150 Days Without Power: Why We Failed Puerto Rico

Revee Needham, Maroon-News Staff

We all burden the weight of responsibility when it comes to Puerto Rico. How is it 343,000 Americans are without power (as of February 14th) 150+ days after Hurricane Maria hit? I believe it is due to a collection of unjust, racist and ignorant systems (U.S. Department of Energy). Yes, Puerto Ricans are Americans, and as such, should be afforded the same rights as you and me. But they are not and here is the short explanation as to why.

Hurricane Maria made landfall on Puerto Rico last September as a category 4 hurricane. Hurricane Irma hit Florida, in the mainland U.S., shortly beforehand, as a weaker storm system. But that’s where the similarities end and the differences in preparation and response begin. Florida was able to restore power to its residents in a matter of weeks. Currently, Puerto Ricans are suffering through the longest blackout in U.S. history. Clearly, electricity is imperative to the recovery efforts, as well as daily life, for hygienic purposes, cooking and more. 

Before the storms hit, Puerto Rico and Florida did not have the same capacity to recover, disregarding the abysmal response afterwards. Puerto Rico’s power supply was inconsistent to begin with, and the government was burdened with millions of dollars of debt. Before Irma hit, crews in Florida were ready and waiting to move in as soon as possible to restore energy. Puerto Rico was not afforded the same treatment. Then, the contract to repair the energy grid was given to Whitefish Energy, a company with only two employees, which was later cancelled due to lack of action and sky-high prices. The contract by FEMA to provide 30 million meals yielded only 50,000 before that contract was revoked, too. The grant given by Congress to repair Puerto Rico’s energy grid was $2 billion, a staggering $15 billion short of what is needed to create a resilient grid, able to withstand future storms. For comparison purposes, $2.3 billion was awarded to assist the recovery of the Florida citrus industry. Another hindrance is the presence of the Jones Act. The Act stipulates that only U.S.-built ships can transport between U.S. ports, which limits the recovery process on the island. While it was waived in response to Hurricane Maria, 10 days was not nearly long enough to make a difference (New York Times). While I could go on, the exact details of errors in the recovery are not as important as the bigger picture. 

Is Hurricane Maria alone in its disastrous impacts? Unfortunately, no. You’ve heard about the water crisis in Flint and the Dakota Access Pipeline, now let me introduce you to a new term: Environmental Justice. Environmental Justice is a movement, framework and class that I took at Colgate. In short, it strives to end the disproportionate distribution of environmental “bads” and environmental “goods” across marginalized groups. It asserts, that everyone, regardless of race, income and gender, among other marginalizing variables, should have access to healthy places to live, work and play. What is happening in Puerto Rico would never happen here, a wealthy, predominantly white university. Natural disasters do not discriminate and occur throughout the world but the not-so-natural part is that social and political systems do discriminate and yield differential responses, hence why Floridians have power and Puerto Ricans do not. Those whose voices have been silenced are those hardest hit by storms and will continue to suffer with the impacts of climate change. Climate change, with increasing ocean temperatures, is predicted to lead to more hurricanes. With its vulnerable energy infrastructure, among other problems, Puerto Rico is not able to withstand another Hurricane Maria. Yet, it’s more likely than not that this crisis will repeat itself.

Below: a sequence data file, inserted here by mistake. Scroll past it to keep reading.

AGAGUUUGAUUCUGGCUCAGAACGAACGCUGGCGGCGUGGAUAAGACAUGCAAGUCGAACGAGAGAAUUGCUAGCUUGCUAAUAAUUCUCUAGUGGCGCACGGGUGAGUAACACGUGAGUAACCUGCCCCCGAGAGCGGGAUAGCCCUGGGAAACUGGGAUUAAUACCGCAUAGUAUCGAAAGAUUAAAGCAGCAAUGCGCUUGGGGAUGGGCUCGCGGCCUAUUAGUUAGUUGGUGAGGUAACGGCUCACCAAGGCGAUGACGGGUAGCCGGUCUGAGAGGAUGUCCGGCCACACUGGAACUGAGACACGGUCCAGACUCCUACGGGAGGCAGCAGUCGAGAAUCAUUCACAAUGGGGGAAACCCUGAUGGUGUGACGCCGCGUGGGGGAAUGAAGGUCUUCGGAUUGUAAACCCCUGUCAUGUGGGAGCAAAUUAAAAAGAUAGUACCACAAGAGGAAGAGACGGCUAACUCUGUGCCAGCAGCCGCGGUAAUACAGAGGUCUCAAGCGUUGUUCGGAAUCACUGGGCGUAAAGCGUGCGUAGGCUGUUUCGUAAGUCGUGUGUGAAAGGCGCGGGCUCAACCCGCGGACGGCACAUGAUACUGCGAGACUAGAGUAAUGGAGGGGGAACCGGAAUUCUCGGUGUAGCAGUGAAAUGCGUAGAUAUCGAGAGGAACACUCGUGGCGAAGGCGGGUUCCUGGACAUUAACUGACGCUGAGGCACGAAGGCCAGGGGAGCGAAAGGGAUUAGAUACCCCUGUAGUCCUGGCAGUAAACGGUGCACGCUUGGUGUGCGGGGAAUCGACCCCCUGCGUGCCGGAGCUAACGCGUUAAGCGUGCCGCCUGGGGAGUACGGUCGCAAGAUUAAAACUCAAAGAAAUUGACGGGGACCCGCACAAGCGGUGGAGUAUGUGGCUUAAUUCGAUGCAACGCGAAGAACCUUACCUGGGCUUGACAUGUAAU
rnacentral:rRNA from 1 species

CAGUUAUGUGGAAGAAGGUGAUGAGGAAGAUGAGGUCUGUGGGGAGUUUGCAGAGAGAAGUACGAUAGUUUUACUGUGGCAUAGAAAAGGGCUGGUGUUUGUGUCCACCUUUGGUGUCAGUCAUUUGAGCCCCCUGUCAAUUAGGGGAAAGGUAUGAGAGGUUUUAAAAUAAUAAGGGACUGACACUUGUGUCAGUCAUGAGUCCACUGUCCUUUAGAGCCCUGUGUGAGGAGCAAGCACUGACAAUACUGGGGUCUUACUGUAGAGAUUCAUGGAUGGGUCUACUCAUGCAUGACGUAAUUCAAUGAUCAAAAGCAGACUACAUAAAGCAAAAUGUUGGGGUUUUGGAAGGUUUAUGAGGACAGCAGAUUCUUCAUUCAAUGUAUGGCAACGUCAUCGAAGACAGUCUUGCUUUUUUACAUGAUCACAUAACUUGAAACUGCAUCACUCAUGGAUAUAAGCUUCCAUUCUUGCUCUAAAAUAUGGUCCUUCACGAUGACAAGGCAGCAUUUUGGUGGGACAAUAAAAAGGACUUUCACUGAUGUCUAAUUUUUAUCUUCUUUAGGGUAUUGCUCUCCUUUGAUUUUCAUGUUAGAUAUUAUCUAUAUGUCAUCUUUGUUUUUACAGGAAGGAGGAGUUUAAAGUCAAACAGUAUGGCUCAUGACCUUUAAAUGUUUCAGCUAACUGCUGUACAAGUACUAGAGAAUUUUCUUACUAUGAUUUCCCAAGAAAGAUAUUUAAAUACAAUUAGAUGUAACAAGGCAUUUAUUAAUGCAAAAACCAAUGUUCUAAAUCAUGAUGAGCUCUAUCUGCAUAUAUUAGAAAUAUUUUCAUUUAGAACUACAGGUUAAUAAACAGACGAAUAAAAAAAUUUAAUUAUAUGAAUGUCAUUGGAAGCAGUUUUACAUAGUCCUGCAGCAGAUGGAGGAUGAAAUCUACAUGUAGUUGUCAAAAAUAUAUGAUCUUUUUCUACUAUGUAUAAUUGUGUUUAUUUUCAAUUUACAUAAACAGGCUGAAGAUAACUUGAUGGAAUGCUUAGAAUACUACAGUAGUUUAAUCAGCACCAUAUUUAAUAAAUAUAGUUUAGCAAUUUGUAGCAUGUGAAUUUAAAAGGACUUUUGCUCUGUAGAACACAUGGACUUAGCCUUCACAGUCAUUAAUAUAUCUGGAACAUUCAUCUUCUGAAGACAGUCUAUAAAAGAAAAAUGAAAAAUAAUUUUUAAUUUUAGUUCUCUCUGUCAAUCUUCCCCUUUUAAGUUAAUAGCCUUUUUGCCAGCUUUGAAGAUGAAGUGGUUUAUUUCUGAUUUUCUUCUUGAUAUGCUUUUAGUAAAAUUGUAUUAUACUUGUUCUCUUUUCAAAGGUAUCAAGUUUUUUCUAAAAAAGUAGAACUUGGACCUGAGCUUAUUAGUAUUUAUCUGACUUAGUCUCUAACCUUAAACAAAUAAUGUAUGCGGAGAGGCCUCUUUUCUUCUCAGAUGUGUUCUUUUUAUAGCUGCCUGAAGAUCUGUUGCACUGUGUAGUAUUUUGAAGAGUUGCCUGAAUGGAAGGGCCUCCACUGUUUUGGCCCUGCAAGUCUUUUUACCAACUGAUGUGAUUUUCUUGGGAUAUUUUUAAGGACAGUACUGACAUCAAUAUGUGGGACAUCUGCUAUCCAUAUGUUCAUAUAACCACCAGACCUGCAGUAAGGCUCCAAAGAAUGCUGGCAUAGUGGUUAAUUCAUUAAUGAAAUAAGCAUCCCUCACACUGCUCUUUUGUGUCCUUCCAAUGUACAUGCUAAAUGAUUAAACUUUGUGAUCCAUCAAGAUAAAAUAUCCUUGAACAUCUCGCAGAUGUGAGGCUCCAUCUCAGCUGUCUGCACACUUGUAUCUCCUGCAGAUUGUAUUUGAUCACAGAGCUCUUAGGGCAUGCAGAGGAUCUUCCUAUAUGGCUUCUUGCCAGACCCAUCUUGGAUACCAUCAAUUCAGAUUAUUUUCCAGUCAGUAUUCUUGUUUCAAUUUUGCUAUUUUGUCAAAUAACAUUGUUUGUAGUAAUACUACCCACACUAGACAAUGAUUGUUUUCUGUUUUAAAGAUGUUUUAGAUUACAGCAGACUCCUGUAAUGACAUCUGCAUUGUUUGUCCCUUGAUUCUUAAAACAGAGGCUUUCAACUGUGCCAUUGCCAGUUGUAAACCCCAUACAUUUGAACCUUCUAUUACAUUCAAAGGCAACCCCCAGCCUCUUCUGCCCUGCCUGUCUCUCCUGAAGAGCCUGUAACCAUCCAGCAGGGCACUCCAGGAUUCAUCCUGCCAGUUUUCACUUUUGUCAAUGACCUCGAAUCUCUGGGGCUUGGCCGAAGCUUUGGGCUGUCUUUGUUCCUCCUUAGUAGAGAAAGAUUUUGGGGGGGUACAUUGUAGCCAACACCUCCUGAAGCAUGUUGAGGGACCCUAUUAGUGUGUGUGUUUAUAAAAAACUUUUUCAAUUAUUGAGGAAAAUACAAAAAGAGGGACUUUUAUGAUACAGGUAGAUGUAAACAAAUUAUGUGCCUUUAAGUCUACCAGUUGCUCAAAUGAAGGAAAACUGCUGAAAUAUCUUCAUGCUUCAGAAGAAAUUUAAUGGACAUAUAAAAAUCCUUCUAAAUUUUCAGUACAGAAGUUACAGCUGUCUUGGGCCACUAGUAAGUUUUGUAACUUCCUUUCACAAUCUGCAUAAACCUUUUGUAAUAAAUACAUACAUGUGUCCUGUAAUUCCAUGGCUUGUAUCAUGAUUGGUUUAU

What can you do? You should contact your elected officials to express your disappointment and anger, and demand better for your fellow Americans. If you’re big on social media, use your influence for good: share the pleas of Puerto Ricans and inform your social network of other environmental injustices. If you’re not a second-semester senior, you can sign up to take the class Environmental Justice (ENST 232). But don’t stop there – there are Hurricane Marias, Flint Michigans and DAPL spills happening every day, all over the world. Don’t fall trap to the Colgate “bubble” and rely on the media gatekeepers to cover other people’s plights equally. Pay attention to the news and prepare yourself to learn about the ever-horrifying impacts of climate change, and our equally pitiful social and political systems that are increasingly inept at coping with them. 

Contact Revee Needham at [email protected]